Bilingual and English as a Second Language Education
I heard crying in the infants’ school as though a child had fallen and the voice came nearer and fell flat upon the air as a small girl came through the door and walked a couple of steps towards us… About her neck a piece of new cord, and from the cord, a board that hung to her shins and cut her as she walked… And the board dragged her down, for she was small, and the cord rasped the flesh on her neck, and there were marks upon her shins where the edge of the board had cut… Chalked on the board, in the fist of Mr Elijah Jonas-Sessions, “I must not speak Welsh in school”…
—Llewellyn (1968, p. 267)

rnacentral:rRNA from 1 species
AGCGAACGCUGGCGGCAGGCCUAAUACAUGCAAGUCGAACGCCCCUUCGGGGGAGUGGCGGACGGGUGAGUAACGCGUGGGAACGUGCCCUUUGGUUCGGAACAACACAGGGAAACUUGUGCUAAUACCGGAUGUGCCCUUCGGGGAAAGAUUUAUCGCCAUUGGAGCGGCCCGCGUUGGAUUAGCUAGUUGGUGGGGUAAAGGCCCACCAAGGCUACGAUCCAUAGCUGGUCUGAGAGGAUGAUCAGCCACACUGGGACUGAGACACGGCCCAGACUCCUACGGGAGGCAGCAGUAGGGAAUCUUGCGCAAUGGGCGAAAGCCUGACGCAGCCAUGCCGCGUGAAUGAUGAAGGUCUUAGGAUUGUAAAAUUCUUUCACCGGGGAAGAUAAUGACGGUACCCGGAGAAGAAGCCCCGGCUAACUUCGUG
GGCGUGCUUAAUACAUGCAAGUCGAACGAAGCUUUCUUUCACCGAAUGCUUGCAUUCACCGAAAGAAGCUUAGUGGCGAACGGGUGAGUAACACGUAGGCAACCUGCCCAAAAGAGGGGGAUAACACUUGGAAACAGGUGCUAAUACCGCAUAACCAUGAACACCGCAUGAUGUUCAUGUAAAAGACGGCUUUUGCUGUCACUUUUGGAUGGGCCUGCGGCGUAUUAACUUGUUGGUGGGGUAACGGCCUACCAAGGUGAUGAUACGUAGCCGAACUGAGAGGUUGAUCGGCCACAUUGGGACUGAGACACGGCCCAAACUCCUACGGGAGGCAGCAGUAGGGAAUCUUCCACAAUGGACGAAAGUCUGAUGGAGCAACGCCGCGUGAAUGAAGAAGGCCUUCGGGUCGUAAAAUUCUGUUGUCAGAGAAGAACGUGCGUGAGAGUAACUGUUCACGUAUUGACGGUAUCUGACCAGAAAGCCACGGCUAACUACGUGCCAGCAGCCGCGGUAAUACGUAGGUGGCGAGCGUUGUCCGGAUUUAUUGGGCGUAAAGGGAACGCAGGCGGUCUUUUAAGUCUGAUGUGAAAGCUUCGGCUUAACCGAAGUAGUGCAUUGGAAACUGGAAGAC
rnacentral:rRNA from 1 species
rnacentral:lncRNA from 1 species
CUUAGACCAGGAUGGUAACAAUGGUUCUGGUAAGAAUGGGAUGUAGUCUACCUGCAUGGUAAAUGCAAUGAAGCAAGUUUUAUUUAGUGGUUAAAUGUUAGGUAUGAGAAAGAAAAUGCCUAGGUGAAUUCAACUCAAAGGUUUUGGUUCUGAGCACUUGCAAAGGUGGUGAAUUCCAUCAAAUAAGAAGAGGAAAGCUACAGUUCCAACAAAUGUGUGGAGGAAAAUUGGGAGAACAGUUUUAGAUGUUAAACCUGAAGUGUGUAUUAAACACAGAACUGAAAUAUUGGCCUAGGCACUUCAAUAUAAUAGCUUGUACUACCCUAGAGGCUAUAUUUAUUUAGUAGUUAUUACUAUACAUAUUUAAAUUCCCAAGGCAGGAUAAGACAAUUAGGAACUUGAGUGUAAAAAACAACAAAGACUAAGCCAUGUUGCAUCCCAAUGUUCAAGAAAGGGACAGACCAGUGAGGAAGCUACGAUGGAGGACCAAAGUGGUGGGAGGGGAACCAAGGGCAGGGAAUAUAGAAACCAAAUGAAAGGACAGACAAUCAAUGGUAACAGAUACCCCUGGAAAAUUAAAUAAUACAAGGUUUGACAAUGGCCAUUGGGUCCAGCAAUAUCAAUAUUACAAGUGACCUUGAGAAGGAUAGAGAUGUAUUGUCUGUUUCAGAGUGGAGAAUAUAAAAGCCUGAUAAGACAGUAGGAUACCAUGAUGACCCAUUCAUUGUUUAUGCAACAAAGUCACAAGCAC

Perhaps the most critical policy decision to be made in any school system is the choice of the language used as the medium of instruction for children. This chapter addresses the importance, on social justice grounds, of providing bilingual education to minority language students up to the middle years of childhood or, at the very least, the importance of providing education that fully respects children’s minority first languages. It also discusses the range of best practices for teaching English as a Second Language (ESL), and for the education of established linguistic minorities, and the signing Deaf.